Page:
Of the three public finance institutions, the other two being the National Treasury and the Kenya Revenue Authority, the Central Bank continues to enjoy a good press, especially now that it seems to have extricated itself from the messes created by Njuguna Ndung'u and Andrew Mulei. But some of us have far longer memories and we well remember that the Goldenberg swindle would not have succeeded for as long as it did if the Central bank hadn't played a key role. Of recent vintage are intrigues surrounding payments made in the NYS scam and the never-ending quest to award a tender to print Kenya's next-generation currency notes and coins.

It is likely that Patrick Njoroge is an honourable man and that Wallace Kantai is being forthcoming about the second billion-dollar Eurobond. But if Mr Njorge and Mr Kantai choose to share information about how the proceeds of the bond were managed, they should share information as fully as possible. It is not that we don't trust them -- we know well enough not to -- but that the moment they shared any information on the proceeds of the bond, those snippets would simply lead to more questions. It should have been full disclosure or radio silence and not this weird half-cocked attempt at transparency.

It seems that the Central Bank hasn't learnt the proper lessons from the debacle of the last Eurobond. We were not suspicious merely because we did not know when key transactions took place with regards to the proceeds of the bond: opening of bank accounts, deposits of proceeds, or transfer of proceeds to Kenya. We were also suspicious because the roles of the Central Bank, the National Treasury and the transaction advisers remained murky all through. With the new Eurobond, the same errors are being repeated by the National Treasury and the Central Bank.

A full accounting before our suspicions are confirmed may stave off a bad press. What did the Central Bank do and when did it do it? Did it depute key officers to do these things? How many third parties assisted the Central Bank in its role with the Eurobond? If we are wrong to ask these things, lt the Central Bank say so and justify itself. We no longer live in a world where public officials dealing with massive amounts of public funds are believed when they pronounce themselves on things and when they are vague about what it is they are saying, our suspicions deepen.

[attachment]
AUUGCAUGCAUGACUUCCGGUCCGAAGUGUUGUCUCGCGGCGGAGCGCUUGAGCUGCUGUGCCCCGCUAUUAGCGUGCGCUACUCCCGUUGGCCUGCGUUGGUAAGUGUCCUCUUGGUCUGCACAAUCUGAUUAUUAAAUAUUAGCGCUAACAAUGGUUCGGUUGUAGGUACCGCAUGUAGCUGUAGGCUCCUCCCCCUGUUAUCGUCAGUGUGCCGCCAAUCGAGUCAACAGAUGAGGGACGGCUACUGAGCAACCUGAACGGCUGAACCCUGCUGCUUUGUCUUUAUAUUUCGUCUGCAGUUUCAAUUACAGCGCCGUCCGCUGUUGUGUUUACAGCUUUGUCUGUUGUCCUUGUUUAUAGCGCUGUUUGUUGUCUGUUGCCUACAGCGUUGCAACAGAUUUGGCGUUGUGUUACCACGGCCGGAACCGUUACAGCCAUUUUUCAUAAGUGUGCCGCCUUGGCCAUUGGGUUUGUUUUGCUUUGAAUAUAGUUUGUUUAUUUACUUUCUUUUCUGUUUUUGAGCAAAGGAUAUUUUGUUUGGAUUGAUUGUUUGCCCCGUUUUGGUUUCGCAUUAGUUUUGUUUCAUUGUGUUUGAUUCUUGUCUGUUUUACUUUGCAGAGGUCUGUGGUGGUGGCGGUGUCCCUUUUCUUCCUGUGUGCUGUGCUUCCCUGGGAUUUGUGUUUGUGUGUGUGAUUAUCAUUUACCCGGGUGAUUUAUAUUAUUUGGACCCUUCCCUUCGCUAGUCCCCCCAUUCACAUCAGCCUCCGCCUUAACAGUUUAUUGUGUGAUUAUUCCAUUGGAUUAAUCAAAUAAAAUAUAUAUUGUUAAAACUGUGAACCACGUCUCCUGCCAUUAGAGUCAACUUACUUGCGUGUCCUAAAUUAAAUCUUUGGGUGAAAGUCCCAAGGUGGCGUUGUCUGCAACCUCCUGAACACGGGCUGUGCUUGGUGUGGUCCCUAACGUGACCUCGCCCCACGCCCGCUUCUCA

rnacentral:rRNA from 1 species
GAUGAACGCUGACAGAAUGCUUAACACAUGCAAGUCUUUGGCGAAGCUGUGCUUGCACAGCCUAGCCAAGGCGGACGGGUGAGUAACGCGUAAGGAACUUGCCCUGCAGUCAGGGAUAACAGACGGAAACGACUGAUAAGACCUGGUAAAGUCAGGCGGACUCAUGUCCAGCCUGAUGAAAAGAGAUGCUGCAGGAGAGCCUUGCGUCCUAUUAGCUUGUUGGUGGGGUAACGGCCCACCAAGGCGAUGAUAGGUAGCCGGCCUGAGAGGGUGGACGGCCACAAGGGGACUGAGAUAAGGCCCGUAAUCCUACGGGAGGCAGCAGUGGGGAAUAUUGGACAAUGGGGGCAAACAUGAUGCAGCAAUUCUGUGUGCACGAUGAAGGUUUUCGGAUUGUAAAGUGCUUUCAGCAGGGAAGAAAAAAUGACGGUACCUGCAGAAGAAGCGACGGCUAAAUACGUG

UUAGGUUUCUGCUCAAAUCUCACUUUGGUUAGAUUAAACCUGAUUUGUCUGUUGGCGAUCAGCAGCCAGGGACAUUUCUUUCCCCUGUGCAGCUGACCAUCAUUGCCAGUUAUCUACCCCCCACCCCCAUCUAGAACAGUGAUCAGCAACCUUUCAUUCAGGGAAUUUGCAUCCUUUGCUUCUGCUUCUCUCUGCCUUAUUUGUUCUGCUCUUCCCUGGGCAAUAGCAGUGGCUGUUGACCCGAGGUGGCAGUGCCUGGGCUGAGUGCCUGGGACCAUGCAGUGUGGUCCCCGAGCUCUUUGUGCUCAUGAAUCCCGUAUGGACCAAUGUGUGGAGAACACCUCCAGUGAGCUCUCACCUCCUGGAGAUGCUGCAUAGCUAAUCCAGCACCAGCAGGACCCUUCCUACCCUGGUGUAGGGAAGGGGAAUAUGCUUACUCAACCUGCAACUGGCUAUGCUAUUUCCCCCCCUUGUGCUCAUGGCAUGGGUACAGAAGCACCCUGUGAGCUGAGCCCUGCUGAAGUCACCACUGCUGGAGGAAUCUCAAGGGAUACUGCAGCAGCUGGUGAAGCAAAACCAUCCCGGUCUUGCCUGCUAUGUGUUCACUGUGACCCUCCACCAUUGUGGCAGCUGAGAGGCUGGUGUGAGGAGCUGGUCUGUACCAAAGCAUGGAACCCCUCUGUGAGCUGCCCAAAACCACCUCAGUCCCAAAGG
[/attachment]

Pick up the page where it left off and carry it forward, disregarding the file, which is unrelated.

Monday, March 19, 2018

Predation: A Kenyan Tale

I am a very selfish man. If we were honest, most of us would admit that we are very selfish. The most important things to us are the things that make our lives easier and happier, and if it means stepping over your cold, dead body to get to those things, many of us won't even flinch. In many instances, things are really zero-sum games: our win is someone elses loss. What we have conditioned ourselves to think and act on is that everything is a zero-sum game. Instead of building more co-operative structures to ensure our collective well-being, we have focussed our individual energies to winning the lottery of life at all costs, even if it means destroying our world to do it.